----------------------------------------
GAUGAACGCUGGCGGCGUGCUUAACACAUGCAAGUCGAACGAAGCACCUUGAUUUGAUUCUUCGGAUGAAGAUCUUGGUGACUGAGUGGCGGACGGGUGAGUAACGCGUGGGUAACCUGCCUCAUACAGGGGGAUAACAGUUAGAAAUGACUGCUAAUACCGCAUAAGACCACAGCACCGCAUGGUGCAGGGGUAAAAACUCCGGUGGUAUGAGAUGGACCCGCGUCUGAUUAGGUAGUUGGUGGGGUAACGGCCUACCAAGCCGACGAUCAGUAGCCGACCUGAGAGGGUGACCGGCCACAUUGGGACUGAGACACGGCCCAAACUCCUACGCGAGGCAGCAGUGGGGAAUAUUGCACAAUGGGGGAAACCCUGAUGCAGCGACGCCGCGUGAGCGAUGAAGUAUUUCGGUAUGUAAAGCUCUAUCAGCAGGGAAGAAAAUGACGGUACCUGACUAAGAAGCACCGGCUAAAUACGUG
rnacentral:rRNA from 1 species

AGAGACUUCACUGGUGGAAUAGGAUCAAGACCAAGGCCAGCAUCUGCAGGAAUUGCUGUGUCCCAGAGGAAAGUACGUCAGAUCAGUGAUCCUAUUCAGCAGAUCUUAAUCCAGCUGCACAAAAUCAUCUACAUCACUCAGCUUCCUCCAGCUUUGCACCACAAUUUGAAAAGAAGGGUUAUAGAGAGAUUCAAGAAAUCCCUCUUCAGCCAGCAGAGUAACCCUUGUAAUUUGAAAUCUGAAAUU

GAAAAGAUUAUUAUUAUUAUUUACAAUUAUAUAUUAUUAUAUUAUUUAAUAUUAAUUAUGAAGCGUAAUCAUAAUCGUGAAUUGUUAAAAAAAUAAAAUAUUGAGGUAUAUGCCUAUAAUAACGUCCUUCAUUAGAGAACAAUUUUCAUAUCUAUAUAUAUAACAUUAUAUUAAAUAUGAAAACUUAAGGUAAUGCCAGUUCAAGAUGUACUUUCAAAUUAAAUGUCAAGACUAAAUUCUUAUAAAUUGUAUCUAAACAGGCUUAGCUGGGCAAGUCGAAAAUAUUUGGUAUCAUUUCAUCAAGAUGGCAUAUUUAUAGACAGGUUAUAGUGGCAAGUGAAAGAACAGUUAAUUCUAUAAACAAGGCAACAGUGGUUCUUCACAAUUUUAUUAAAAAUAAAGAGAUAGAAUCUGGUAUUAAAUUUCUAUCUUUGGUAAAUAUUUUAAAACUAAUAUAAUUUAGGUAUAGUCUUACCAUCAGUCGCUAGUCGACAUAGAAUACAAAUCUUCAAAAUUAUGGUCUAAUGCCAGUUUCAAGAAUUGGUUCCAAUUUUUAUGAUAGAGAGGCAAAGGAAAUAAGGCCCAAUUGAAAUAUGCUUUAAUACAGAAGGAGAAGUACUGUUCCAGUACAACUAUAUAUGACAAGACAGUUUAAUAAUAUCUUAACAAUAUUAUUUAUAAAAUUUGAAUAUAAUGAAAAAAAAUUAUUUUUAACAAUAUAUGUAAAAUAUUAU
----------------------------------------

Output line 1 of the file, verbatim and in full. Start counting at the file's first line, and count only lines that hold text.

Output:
GAUGAACGCUGGCGGCGUGCUUAACACAUGCAAGUCGAACGAAGCACCUUGAUUUGAUUCUUCGGAUGAAGAUCUUGGUGACUGAGUGGCGGACGGGUGAGUAACGCGUGGGUAACCUGCCUCAUACAGGGGGAUAACAGUUAGAAAUGACUGCUAAUACCGCAUAAGACCACAGCACCGCAUGGUGCAGGGGUAAAAACUCCGGUGGUAUGAGAUGGACCCGCGUCUGAUUAGGUAGUUGGUGGGGUAACGGCCUACCAAGCCGACGAUCAGUAGCCGACCUGAGAGGGUGACCGGCCACAUUGGGACUGAGACACGGCCCAAACUCCUACGCGAGGCAGCAGUGGGGAAUAUUGCACAAUGGGGGAAACCCUGAUGCAGCGACGCCGCGUGAGCGAUGAAGUAUUUCGGUAUGUAAAGCUCUAUCAGCAGGGAAGAAAAUGACGGUACCUGACUAAGAAGCACCGGCUAAAUACGUG